Mental health

Receiving a cancer diagnosis and undergoing any treatment is a shit situation, and may do your head in. You may experience differing levels of stress, depression, and anxiety during the immediate phase of diagnosis and treatment, but also possibly years after you finish active treatment. This is a common experience. It is a trauma, and cancer-related post-traumatic stress disorder (ptsd) is a reality for many people.

Making your mental health a priority is really important. There are many ways of looking after yourself, including exercise, meditation, indulging in good food, pampering yourself (yes men, you too), and continuing the activities and hobbies you love.

It is also highly recommended that you seek the services of a trusted psychologist or counsellor, as they can give you coping techniques. If you don’t have one already, ask your medical team if they refer you to one – many clinics have oncology-psychologists.

If you are seeing a psychologist privately, check if you can receive a rebate from your private health insurance cover (benefits depend on your provider and level of insurance).

Another way to reduce the financial burden, is by utilising Medicare’s Mental Health Treatment Plan. You may be able to get sessions bulk billed, or at least a reduced gap payment. Discuss the referral process with your GP and preferred provider.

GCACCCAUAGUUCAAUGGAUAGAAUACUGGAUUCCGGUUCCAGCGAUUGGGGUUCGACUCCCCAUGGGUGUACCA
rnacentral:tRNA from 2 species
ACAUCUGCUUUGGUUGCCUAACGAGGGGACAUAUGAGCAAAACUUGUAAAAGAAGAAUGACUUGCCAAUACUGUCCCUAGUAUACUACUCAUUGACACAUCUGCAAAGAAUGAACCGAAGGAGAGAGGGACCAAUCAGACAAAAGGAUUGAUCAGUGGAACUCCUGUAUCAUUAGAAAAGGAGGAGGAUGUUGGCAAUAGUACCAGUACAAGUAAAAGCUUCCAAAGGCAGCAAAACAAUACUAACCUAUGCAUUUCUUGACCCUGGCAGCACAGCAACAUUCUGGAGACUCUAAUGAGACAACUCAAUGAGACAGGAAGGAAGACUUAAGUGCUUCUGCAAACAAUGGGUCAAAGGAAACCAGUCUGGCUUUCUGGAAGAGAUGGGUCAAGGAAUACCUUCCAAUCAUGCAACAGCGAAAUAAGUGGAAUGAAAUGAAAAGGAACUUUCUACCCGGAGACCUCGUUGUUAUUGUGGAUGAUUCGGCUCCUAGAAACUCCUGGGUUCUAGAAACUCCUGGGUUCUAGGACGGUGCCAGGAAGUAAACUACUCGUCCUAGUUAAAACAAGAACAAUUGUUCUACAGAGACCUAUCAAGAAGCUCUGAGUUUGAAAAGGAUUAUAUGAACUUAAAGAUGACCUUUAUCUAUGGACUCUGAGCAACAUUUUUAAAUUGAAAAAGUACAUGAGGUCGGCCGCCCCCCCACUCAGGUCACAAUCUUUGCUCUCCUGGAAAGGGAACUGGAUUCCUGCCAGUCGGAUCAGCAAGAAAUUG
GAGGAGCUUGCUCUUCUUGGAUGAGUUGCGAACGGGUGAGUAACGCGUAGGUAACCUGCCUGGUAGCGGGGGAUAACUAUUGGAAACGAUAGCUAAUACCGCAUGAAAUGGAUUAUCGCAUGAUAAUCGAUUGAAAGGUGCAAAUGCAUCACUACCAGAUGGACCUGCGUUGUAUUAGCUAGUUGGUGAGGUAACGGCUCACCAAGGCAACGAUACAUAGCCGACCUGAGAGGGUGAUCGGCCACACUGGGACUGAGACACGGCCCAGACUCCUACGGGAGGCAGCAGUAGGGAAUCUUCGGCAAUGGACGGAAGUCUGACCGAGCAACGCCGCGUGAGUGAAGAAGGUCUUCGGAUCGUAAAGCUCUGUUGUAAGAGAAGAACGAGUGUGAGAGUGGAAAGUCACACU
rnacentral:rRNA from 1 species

Crisis and telephone helplines

Mental health services


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Disclaimer: Ninox Cancer Support Crew does not endorse and is not affiliated with any of the organisations, businesses, or services listed on this page. We include them, in good faith, for information purposes only. You should discuss your individual circumstances with your trusted advisors, health and otherwise, prior to making any decisions.

Have we made an error, missed an important resource, or do you need something specific? Get in touch.